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SYMBOLIC SIEGE OF JERUSALEM CONTINUED
As Dummelow noted, Ezekiel's part in these pantomimes is variable. Part of the time he represents God, and at other times he stands for Israel. Here he stands for Jerusalem, his head particularly, standing for city; but again, in the burning of the hair in the midst of the city (that is, in the middle of the map of the city on the tile), he enacts the part God would play in the destruction of Jerusalem.
"And thou, son of man, take thee a sharp sword; as a barber's razor shalt thou take it unto thee, and shall cause it to pass upon thy head and upon thy beard: then take thee balances to weigh and divide the hair. A third part shalt thou burn in the fire in the midst of the city, when the days of the siege are fulfilled; and thou shalt take a third part and smite with the sword round about it; and a third part shalt thou scatter to the wind, and I will draw out a sword after them. And shall take thereof a few in number and bind them in thy skirts. And of these again shalt thou take, and cast them into the midst of the fire; therefore shall a fire come forth into all the house of Israel."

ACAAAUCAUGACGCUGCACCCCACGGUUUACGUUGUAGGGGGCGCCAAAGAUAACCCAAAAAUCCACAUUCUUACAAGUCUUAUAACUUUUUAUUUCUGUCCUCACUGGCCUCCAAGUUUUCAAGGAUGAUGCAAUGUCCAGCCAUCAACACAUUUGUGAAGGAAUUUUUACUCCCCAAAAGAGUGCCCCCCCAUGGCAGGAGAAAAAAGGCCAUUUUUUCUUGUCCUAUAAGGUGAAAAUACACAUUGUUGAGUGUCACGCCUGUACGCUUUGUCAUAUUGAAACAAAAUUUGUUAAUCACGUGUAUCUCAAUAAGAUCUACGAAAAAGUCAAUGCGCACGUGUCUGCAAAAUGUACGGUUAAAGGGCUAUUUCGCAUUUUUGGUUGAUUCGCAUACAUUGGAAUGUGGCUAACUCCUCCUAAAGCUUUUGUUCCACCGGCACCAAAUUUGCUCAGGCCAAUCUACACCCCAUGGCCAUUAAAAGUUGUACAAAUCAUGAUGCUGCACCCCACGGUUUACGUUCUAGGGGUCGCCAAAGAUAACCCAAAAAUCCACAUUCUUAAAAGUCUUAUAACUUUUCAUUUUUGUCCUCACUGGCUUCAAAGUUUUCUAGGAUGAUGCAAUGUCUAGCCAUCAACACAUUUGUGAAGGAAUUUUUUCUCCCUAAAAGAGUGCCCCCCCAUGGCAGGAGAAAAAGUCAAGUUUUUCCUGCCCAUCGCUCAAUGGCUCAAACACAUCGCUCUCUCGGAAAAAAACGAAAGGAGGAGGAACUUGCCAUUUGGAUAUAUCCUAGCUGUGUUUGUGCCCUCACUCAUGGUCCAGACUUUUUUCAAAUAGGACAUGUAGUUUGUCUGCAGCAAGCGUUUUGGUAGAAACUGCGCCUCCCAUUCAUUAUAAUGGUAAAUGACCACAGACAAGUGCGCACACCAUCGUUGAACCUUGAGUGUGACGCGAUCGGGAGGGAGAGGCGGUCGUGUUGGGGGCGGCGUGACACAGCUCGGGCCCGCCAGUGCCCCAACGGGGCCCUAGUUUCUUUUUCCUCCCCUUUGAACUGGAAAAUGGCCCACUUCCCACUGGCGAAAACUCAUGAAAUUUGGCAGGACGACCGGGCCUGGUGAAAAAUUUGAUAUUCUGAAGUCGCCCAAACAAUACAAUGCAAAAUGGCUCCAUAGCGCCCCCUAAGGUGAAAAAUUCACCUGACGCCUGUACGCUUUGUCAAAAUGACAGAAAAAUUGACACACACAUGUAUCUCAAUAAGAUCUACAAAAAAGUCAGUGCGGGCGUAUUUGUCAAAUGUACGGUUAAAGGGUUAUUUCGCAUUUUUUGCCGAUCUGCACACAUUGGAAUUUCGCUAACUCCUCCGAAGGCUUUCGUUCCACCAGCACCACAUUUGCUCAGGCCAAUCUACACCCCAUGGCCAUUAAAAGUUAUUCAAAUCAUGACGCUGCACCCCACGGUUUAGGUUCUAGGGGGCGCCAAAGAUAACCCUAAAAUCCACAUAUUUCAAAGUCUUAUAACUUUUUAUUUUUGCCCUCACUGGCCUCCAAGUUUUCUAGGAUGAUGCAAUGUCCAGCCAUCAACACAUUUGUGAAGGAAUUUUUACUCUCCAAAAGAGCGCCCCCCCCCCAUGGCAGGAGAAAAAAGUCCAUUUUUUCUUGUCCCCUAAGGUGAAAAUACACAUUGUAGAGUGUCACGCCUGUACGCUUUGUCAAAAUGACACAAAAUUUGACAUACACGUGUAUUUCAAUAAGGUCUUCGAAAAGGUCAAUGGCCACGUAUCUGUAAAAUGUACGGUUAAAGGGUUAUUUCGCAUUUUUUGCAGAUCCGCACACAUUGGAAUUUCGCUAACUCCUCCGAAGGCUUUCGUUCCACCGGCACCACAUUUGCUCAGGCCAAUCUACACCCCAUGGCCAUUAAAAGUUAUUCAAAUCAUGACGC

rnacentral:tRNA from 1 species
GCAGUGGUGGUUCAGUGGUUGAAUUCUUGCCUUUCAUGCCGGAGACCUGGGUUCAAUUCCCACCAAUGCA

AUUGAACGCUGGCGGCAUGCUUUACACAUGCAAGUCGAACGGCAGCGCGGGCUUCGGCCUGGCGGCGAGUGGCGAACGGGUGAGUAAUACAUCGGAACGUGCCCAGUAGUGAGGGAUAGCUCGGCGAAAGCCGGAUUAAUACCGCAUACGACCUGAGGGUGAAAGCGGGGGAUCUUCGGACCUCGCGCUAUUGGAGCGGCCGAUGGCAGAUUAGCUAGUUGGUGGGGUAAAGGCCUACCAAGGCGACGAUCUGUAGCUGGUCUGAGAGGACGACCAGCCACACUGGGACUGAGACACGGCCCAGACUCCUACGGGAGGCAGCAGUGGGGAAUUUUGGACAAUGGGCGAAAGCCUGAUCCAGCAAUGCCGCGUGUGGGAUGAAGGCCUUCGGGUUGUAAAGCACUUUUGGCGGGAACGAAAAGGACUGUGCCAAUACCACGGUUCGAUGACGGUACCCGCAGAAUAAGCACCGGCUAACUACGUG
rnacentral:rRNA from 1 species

As regarded the destiny of Jerusalem, the symbols introduced here were extremely distressing. The sword stood for the armed might of Babylon. The shaving of the head stood for humiliation, mourning, disaster, the loss of sanctity, catastrophe. The balances were a symbol of the justice and righteousness of God and the equity of his judgments. Ezekiel's head represented Jerusalem; the hair represented the population of it, the glory, and honor, and ability of the city. These were all to disappear in the destruction.